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16 and 17 Year Olds Will No Longer Be Charged as Adults in New York

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 16-year-olds and 17-year-old teens in the state of New York will no longer be tried as adults. That distinction will be reserved for men and women 18-years of age and older, according to legislation passed in Albany earlier this month.

The ABA Journal reports New York was only one of two states remaining who tried teens as young as 16-years-old as adults.  A number of states try 17-year-olds as adults, but New York will no longer be included on that list.  According to the report, it is becoming more common to see states reevaluate the treatment of teenagers in the justice system. It took New York lawmakers over a year to reach a passable resolution on the matter.

Under the new law, underage teens arrested in New York will only be held in juvenile facilities and no longer with adults in the county system. Judges trained in family law will reportedly oversee a special section of the state criminal courts for felony cases.  After a period of 30 days, the law requires felony cases against 16 and 17-year-olds to automatically start in family court.

However, the prosecutor is given the discretion to prove to a judge the “extraordinary circumstances” of the case require the matter be handled in adult court. Furthermore, violent felonies can reportedly be diverted to adult court based on a three part test: whether a victim sustained significant physical injury; if the accused used a weapon; and if the perpetrator engaged in criminal sexual conduct.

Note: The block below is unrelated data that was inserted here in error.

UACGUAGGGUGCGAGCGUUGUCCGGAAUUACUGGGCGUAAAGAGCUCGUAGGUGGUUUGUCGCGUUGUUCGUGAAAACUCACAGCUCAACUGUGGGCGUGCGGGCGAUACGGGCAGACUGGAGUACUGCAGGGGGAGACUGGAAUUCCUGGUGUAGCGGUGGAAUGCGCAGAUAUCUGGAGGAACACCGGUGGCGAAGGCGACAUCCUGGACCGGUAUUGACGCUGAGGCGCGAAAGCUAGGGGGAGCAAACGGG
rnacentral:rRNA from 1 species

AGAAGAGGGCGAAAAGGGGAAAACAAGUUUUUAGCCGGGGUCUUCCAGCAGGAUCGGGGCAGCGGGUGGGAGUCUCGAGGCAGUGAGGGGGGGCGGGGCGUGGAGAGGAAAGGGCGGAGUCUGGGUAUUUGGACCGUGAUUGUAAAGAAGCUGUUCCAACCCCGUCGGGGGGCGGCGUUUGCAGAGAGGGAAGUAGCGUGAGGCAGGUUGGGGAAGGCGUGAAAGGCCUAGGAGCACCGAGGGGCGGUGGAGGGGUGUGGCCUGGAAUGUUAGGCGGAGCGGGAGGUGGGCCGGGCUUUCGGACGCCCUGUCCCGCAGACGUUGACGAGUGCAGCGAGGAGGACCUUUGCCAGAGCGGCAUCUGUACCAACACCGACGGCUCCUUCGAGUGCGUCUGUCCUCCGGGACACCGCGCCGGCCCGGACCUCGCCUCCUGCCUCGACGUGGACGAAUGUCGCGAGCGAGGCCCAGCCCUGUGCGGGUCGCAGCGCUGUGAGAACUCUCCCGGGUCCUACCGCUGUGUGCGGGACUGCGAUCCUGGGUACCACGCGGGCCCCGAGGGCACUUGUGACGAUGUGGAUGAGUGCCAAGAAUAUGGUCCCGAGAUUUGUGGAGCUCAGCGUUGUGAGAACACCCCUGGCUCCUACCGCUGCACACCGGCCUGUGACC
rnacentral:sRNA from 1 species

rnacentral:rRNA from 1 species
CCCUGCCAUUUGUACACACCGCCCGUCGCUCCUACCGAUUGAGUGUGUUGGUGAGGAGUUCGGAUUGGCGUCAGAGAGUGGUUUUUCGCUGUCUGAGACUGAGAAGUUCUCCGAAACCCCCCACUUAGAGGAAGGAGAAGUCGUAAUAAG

Meanwhile, misdemeanor cases will be moved to family court. Finally, all persons with juvenile records in New York have a right to apply to have their criminal records sealed, so long as they have not committed another crime in the 10-years following their juvenile conviction.

“By raising the age of criminal responsibility, this legislation will reduce crime, recidivism and costs to the state, and help us deliver on the New York promise to advance social justice and affirm our core progressive values,” Gov. Andrew Cuomo said in a press release obtained by LawNewz.com.

[image via screengrab]

 

 

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